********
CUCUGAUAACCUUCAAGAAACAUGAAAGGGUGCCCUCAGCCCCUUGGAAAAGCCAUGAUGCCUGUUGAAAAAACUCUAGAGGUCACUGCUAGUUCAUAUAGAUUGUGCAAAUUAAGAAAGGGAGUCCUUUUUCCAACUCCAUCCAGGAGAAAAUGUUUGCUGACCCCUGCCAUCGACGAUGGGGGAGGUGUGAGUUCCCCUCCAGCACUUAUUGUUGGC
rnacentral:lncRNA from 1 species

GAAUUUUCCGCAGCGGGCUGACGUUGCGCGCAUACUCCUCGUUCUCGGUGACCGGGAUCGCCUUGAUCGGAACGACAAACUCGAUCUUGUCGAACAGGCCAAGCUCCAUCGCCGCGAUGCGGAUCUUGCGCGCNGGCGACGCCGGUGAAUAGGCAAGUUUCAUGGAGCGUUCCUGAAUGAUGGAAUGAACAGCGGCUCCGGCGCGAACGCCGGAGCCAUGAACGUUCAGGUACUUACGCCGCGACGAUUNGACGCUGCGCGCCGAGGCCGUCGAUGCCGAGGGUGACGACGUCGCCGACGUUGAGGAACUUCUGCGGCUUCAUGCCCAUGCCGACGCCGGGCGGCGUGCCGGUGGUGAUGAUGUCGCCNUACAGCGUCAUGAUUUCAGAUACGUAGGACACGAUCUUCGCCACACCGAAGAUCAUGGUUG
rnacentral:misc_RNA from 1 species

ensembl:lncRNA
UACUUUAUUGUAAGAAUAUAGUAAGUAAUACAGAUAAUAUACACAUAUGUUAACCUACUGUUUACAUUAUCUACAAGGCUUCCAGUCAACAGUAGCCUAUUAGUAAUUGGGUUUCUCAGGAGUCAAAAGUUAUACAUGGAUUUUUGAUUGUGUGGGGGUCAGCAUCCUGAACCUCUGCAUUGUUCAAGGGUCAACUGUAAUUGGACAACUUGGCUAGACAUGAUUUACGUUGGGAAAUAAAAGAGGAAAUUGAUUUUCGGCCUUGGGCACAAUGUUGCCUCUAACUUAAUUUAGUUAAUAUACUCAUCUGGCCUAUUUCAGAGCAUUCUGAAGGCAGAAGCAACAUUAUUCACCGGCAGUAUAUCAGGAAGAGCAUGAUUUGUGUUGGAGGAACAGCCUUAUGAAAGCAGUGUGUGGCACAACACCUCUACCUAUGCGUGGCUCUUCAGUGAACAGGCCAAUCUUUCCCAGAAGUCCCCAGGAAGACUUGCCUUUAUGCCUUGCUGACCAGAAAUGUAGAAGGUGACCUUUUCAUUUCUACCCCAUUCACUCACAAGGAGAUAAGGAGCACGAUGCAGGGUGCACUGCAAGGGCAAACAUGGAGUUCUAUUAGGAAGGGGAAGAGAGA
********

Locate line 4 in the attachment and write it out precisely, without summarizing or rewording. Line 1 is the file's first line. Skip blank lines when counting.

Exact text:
rnacentral:misc_RNA from 1 species